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by  Norman Rush

A Review by James Wood

Joseph Conrad has had relatively little influence on the contemporary American novel. Naipaul, Greene, and Céline (in Journey to the End of the Night), all keen absorbers of Conrad, were partly prodded abroad by the disintegration of empires, British and French, which offered rich and seedy locales for the observation of politics and motive. But America is its own vast imperium, reducing its satellites to mere moons, and in general American novelists have found quite enough at home to interest them. Philip Roth famously wrote in the early 1960s that perhaps the novel could not keep up with the wild fictionality of American reality. Those American writers interested in non-American worlds, and drawn to the examination of alien politics, such as Robert Stone and Joan Didion, have tended to labor under Graham Greene's easier shadow, rather than risk Conrad's more taxing presence.

Norman Rush is the great exception. Surely the only considerable American novelist who has never yet written about America (though he is very interested in Americans), he has set his three books in Botswana, a country in which he lived between 1978 and 1983. The books, like eclipses, arrive rarely, but tend to impose themselves massively. Mating, Rush's first novel (his first book was a fine collection of stories called Whites), appeared in 1991; Mortals, larger still than the intricate and dense Mating, is only his second novel, and has been at least a decade in the making. It might be said that both these remarkable novels have as their theme the clash of American desire and African politics, and that both are about the eruption into American lives of charismatic seducers. In Mating, the female narrator, an American anthropologist, becomes enamored of Nelson Denoon, a showy intellectual who has founded a utopian community in the Kalahari desert; and the central story of Rush's new novel concerns an American woman's affair with an African American therapist named Davis Morel, who has arrived in Botswana from Cambridge, Massachusetts, ready to go native and to preach a curious blend of militant atheism and self-help healing.

Rush recalls Conrad not only in theme but also in language, even if he does not precisely resemble him. The Conrad of whom Ford Madox Ford wrote that he practiced a "ferocious avoidance" of the ordinary sentence, who would go to great lengths to disrupt and to ornament the standard literary vernacular, must be an example to Rush. One reason that Rush has so excited literary readers — and excited them on the strength, until now, of only one novel — has to do with his extraordinary prose, which could only be American, and which, like Bellow's language, combines high and low registers in greatly unstable compounds. He is very interested in speech, in the slightly barbaric twisting of language that we commit when we speak, or speak to ourselves.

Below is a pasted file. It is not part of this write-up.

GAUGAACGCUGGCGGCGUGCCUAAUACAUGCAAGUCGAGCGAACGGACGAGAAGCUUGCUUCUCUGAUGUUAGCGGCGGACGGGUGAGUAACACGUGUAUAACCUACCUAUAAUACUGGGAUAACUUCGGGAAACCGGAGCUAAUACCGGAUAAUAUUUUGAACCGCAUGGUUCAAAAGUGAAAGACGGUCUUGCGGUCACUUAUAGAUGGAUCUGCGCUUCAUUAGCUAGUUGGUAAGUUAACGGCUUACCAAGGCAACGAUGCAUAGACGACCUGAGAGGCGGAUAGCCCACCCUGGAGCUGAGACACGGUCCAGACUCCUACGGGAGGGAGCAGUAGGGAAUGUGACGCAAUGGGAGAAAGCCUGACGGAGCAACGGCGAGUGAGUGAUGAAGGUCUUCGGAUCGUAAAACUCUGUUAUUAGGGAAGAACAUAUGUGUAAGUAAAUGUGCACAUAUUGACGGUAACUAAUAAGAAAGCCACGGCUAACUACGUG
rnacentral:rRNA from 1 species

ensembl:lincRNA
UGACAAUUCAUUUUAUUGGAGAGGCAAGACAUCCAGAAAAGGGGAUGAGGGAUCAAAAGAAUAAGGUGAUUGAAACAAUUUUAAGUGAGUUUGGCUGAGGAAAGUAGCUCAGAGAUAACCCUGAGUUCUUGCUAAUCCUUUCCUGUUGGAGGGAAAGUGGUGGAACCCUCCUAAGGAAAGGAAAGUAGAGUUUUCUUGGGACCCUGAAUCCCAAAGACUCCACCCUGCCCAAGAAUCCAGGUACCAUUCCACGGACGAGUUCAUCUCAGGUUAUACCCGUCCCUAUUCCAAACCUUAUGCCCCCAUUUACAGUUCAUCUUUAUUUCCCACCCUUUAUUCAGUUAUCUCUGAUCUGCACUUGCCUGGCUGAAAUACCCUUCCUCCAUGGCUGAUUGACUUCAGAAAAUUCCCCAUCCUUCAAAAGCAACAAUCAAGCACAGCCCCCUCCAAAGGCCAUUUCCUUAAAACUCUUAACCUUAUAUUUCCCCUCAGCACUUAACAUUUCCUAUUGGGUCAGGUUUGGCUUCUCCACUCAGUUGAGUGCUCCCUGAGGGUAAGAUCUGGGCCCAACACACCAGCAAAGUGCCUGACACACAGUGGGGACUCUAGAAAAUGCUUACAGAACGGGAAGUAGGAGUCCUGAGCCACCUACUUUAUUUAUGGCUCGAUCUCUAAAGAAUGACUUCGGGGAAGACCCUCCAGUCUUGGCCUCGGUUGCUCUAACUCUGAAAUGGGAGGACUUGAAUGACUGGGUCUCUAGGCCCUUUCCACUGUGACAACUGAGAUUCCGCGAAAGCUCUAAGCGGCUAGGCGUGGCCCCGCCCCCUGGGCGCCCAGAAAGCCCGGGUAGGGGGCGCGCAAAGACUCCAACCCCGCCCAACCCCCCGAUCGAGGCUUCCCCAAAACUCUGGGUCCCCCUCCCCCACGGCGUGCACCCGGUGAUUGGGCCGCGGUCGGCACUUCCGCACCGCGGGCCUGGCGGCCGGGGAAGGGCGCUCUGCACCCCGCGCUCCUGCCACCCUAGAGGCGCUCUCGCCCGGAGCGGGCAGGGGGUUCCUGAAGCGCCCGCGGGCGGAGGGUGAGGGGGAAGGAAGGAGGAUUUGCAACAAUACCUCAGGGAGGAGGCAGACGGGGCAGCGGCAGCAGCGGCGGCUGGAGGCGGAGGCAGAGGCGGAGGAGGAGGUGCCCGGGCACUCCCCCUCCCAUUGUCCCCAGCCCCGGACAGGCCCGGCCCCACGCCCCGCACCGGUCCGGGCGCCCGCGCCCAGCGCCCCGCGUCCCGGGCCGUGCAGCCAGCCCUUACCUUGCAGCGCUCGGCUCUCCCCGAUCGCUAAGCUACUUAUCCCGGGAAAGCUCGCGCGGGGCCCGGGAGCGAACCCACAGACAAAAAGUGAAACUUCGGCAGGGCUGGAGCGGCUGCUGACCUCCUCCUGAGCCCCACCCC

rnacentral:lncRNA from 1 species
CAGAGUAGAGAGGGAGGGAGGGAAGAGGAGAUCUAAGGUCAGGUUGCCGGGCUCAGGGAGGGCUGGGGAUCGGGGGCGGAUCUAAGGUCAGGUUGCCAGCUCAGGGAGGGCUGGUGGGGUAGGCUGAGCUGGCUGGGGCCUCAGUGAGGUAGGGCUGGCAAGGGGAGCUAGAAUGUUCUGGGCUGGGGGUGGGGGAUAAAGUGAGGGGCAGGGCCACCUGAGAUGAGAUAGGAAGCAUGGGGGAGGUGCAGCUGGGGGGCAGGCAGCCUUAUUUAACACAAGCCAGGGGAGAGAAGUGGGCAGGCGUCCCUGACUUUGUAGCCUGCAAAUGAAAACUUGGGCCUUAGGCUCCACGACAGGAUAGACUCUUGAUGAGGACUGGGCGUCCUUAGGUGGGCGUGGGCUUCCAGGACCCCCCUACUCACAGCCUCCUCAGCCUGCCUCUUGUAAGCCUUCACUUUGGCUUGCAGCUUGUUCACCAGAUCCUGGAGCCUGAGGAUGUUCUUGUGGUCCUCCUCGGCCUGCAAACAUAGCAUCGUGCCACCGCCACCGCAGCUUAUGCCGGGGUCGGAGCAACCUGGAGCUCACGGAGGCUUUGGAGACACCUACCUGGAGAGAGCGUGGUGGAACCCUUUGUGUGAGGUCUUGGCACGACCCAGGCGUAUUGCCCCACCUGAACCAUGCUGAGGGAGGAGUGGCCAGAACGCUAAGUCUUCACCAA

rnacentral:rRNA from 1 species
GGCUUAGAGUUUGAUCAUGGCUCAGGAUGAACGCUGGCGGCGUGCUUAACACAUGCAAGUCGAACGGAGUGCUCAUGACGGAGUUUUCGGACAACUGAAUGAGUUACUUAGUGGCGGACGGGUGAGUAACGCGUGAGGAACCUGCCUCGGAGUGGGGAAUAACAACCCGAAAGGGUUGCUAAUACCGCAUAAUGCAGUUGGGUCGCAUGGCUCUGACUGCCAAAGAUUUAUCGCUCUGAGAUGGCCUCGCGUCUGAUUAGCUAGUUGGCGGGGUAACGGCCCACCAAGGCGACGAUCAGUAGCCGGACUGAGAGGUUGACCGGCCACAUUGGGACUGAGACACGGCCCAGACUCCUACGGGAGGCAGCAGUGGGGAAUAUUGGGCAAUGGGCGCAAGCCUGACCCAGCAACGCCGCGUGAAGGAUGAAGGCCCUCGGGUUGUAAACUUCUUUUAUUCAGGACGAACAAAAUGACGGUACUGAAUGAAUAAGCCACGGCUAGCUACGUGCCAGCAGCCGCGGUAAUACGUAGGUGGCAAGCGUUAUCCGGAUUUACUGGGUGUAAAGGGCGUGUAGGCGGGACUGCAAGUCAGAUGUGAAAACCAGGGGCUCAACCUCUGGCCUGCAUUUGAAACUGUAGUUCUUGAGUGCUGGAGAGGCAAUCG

In addition, his American characters are proficient, perhaps slightly glib intellectuals, who enjoy showing off their mastery of the latest technical argot. This argot has thoroughly contaminated their ordinary speech. The narrator of Mating spoke — and thus the whole novel sounded — like this: "This jeu maintained its facetious character, but there came a time when I began to resent it as a concealed way of short-circuiting my episode of depression, because he preferred me to be merry, naturally." (That little rhythmic hiccup at the end of the sentence, closed by the literally feminine ending of the adverb, which seems to stick out over the end of the sentence, is a favorite device of Rush's when he wants to capture the hobbled but speedy pace of talk.) Or: "Undressed he became laissez-faire. He was fundamentally sexually secure." Or: "I was manic and global. Everything was a last straw. I went up the hill on passivity and down again."

In the way of all powerfully narrated first-person monologues, Mating occasionally breeds in the reader the desire to escape the constant intensity and interest of the language, as houseguests sometimes want to escape their over-vivid hosts. It is the price that the writer pays for the immediacy of first-person access. Mortals is told in the conventional third person, so that it distributes its effects more spaciously and calmly, as is proper for such a massive work. But Rush has not lost his interest in spoken language; indeed, he has intensified his study, at once funny and brilliant, of what happens to language when brainy Americans get mixed up with it. Mortals is many things, and does many things beautifully, but its central achievement has to be the fidelity with which it represents consciousness, the way in which it tracks the mind's own language. This concern with the insides of our minds makes Rush almost an original in contemporary American writing.

The book's consciousness — we inhabit only his, despite the many other characters — belongs to Ray Finch, a minor (that is to say, unpublished) Milton scholar, who is teaching at a school in Gaberone, the capital of Botswana, and also doing contract work for the CIA. (The book is set in 1992.) Ray is a liberal meliorist, with no great affection for the agency — the type of man who thinks that Americans do great good, that communism was well vanquished, but that Guatemala was a sorry example of American overreaching. He reports to the station chief, named Boyle, whom he loathes. Ray is an involving presence (fortunately enough, given the book's length). He is highly intelligent, a precise noticer (he is trained to notice), with an apparently stable, calm, pedantic, and "relentless" (his wife's word) temperament, given only to outbursts against, as he sees it, female instability and hysteria.